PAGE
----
Author's Note: Dr. David Manobla has been supportive, open-minded and an integral part of this project. When we first became aware that RD could be a problem, he not only researched Renal Dysplasia himself, but he read the information I had gathered. Dr. Manobla has made many phone calls, searching for help from knowledgeable people. He learned how to do wedge biopsies, seeking guidance from a veterinary surgeon. I could have never tackled RD without his help. I am grateful and I would like to thank him.
I conducted the following interview with Dr. David Manobla on March 28, 1997, during a wedge biopsy of a kidney.
DM: I'm in the abdomen. Now I'll search for the kidneys. I'm pulling up the left kidney.
DR: Is the left kidney the one you always biopsy?
DM: The left one is a little more accessible. I'll isolate it. That's a normal looking kidney. There's a layer of capsule over the kidney. The blood vessels to the kidney are directly below the kidney. What I'm going to do now is to take what's called a wedge biopsy, which is a piece of kidney, going through the capsule, the cortex and the medullar part of the kidney. That's what we'll be sending in. The kidney has a fair amount of blood just because of what it does in the body, so when I cut into it, it will be fairly bloody. This is the piece of the kidney we're talking about. It will be sent off to two different labs. I'll put some gelfoam in, to slow down the bleeding. We're going to suture back up where we removed the piece of specimen.
DR: What kind of suture material are you using?
DM: #3-0 Maxon with swedged on needle. It is absorbable. The kidney tissue is extremely friable and not the best tissue to have to suture. On the other hand, having so much vasculature, the kidney does heal rather quickly.
DR: Do you use a different type of suture because it is so friable?
DM: No, not really. It's just the normal type of suture I use for spays and that type of procedure. It's just a certain limit to how tight you can tighten the suture because it will just tear out of the tissue.
DR: On the first biopsy you used strip gelfoam, but now you use powdered gelfoam. Do you have a preference?
DM: No, it is just whatever we get, actually. If we get it from one distributor it's the strip; the other one will send us the powder gel. They both work the same way. So, I usually put three or four sutures in the kidney. After that we'll apply some pressure for a couple of minutes to make sure the bleeding has stopped. Sometimes we have to hold it longer. This one's actually not too bad. The dog we did a couple of days ago seemed to bleed more than your other dogs, so we had to apply pressure for five minutes.
DR: Do you usually do the standard preoperative tests?
DM: Yes, we do a standard preop, check the BUN, ALT and protein level--total protein. If any of those come out abnormal, we will add a creatinine test, which is another test for kidney function. If any of the liver enzymes come out abnormal, we would run several more liver tests. When we are doing a standard preop it certainly wouldn't be a bad idea to do a clotting test on these animals, since we are involved with a fair amount of bleeding, to make sure that they do have normal clotting factors. Then we just premedicate them normally.
So, this is it. It's bleeding right now from where I placed a suture more than anywhere else. Now we'll time two minutes on the clock, putting some standard pressure on the incision. Hopefully that will be the end of the bleeding.
We'll cut the kidney specimen into two pieces. We'll send the larger half to Dr. Bovee at the University of Pennsylvania. Dr. Bovee will do the normal pathology report on it, looking for dysplastic cells in the kidney. The smaller piece will go to VetGen, where a chemical DNA study is being done, to try to make a non-invasive test for RD through either swab or blood test. The specimen to Dr. Bovee will go in routine formalin. The specimen to VetGen for the DNA study will go on dry ice, in a plastic bag. Recovery has been routine. We've done at least 10+ of these. We haven't had any post op problems. Try to keep them fairly quiet. You may want to put an older animal on IV fluids during surgery. That would certainly also be recommended.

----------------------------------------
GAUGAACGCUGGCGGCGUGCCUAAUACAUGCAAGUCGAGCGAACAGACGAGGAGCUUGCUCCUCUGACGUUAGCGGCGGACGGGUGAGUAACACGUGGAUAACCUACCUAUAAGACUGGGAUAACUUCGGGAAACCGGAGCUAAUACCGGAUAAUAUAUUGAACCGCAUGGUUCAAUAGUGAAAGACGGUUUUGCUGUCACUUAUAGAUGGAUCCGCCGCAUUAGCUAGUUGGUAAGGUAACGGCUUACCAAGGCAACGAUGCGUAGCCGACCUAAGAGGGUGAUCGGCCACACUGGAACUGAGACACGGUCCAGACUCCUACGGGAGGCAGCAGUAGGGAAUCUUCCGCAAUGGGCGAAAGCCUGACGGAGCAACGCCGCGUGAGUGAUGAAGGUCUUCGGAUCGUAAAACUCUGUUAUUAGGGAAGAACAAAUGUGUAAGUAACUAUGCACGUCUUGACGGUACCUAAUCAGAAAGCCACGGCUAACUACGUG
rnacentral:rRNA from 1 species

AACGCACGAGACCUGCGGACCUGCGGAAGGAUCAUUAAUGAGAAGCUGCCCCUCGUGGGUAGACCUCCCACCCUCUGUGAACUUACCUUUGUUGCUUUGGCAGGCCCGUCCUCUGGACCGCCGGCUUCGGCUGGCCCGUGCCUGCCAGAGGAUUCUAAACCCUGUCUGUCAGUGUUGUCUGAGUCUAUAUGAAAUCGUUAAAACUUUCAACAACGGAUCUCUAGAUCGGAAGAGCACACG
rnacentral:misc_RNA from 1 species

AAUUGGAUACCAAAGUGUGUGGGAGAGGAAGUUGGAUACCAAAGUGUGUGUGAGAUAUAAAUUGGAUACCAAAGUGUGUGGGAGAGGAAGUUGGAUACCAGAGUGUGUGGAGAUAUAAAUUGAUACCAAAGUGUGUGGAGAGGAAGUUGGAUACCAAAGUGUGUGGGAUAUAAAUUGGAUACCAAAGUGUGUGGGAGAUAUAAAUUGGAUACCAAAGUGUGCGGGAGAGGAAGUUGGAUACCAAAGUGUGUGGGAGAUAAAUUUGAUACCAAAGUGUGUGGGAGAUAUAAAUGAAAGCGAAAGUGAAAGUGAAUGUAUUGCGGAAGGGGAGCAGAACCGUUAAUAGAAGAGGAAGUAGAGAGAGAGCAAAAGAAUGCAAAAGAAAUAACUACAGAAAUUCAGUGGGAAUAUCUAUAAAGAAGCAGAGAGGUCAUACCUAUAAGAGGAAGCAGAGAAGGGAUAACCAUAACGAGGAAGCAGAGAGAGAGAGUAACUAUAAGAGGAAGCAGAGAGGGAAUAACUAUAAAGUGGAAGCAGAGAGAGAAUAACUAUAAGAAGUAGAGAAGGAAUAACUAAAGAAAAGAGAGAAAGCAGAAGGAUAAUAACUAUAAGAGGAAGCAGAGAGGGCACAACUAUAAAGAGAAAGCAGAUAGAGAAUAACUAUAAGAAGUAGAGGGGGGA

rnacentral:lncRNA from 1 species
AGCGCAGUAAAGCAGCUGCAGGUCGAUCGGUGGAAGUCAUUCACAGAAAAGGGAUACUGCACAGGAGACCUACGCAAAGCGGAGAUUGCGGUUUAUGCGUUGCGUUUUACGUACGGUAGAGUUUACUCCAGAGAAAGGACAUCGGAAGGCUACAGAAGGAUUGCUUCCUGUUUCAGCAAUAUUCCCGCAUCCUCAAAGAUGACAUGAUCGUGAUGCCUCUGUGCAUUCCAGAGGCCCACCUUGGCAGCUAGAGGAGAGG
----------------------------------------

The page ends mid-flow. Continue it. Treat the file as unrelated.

DR: How about antibiotics?
DM: I personally don't routinely give antibiotics. Once again, if it's an older dog or if the animal seems to bleed more than normal, I'd certainly give them an injection of antibiotic post surgically and send them home on antibiotics.
DR: Do you think which lab the specimen is sent makes a difference?
DM: Yes, I think to determine the kidney cells you should send it to a pathologist that's familiar with this disease and who knows what they're looking for. The first one--when we necropsied Cisco--we sent one kidney to CSU and one kidney to Dr. Bovee. CSU did not find any renal dysplastic cells. Dr. Bovee did find dysplastic cells, so I believe that we should probably send these to one or two specialists in this field so that our results will correlate with each other.
Okay, so we'll release pressure on the kidney now. It's been several minutes and I'll see what we have here. It's bleeding a little bit. We'll put some more pressure on it. We'll put some more gelfoam on it. It's fairly quiet now. We'll put pressure on it for another minute and that should be the end of that. Then just a routine closure of the abdominal incision. We'll try to keep him fairly quiet for the first 48 hours. Cage rest is really the best way to go. For postop recovery we use a heated cage with some warm towels from the dryer. If I feel like the dog has bled more than I would like, I would give the animal IV fluids after the surgery or some subcutaneous fluids.
So far, these animals have recovered very uneventfully. We have not done urinalysis on all of these dogs. We are finding that urine results and blood results have been normal. We haven't had any abnormal kidney blood results, but we've probably had 50% of these dogs with kidney dysplasia. All the blood work has been normal. And the urinalysis that we have run have been normal. They're concentrating urine correctly. Normal pH. No signs of disease. Okay, I think we're going to pop that baby back in and sew him up.
DR: Why do you think it's important to get a percentage of fetal glomeruli reading?